Thereafter, as Ms. Robinson herself stated, she unthinkingly allowed Donnel to stay in her apartment overnight, so as to make sure that he kept an important hospital appointment for his bone disease at Mt. Sinai Hospital, literally across the street from the Project.   Imprudently, she acted like a mother.

Not only is the nature of Donnel's alleged offense unclear, but the assumption of Ms.   Robinson's ability to control his conduct outside of the apartment hangs by the slenderest of inferential threads.   His single October visit involved no misconduct by Donnel which could conceivably threaten the health and welfare of the other tenants of the Project where Ms. Robinson resides.   Nevertheless, although Donnel was not found to be subject to sanction by the criminal justice system, and no longer lived in the project according to the Housing Authority, Ms. Robinson, his utterly unsophisticated mother, must be punished by being evicted from her home of more than 21 years and subjected to the risk of homelessness.   The disconnect between the need to protect Housing Authority Tenants from drug sellers and addicts and the facts of Ms. Robinson's case is too great to support this outcome.   The penalty of termination here is unduly harsh and shockingly disproportionate.  Stroman v. Franco, 253 A.D.2d 398, 676 N.Y.S.2d 591 (1st Dept 1998).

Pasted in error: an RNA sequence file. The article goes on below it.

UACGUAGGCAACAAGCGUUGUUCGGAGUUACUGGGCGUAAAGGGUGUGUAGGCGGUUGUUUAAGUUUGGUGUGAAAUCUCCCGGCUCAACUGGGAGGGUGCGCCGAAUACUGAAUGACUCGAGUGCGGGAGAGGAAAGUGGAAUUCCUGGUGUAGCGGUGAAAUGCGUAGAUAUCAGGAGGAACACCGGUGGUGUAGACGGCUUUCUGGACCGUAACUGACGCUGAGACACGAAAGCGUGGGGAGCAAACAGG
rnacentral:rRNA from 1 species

For all of the foregoing reasons, the Court determines that the termination of Petitioner's tenancy was arbitrary, capricious and contrary to law.   The Court does not consider that a grant a declaratory judgment is required.  Jackson v. Biderman, 151 A.D.2d 400, 543 N.Y.S.2d 433 (1st Dept 1989).

Accordingly, it is ordered and adjudged that the Petition is granted and Respondents' determination to terminate Petitioner's tenancy is annulled.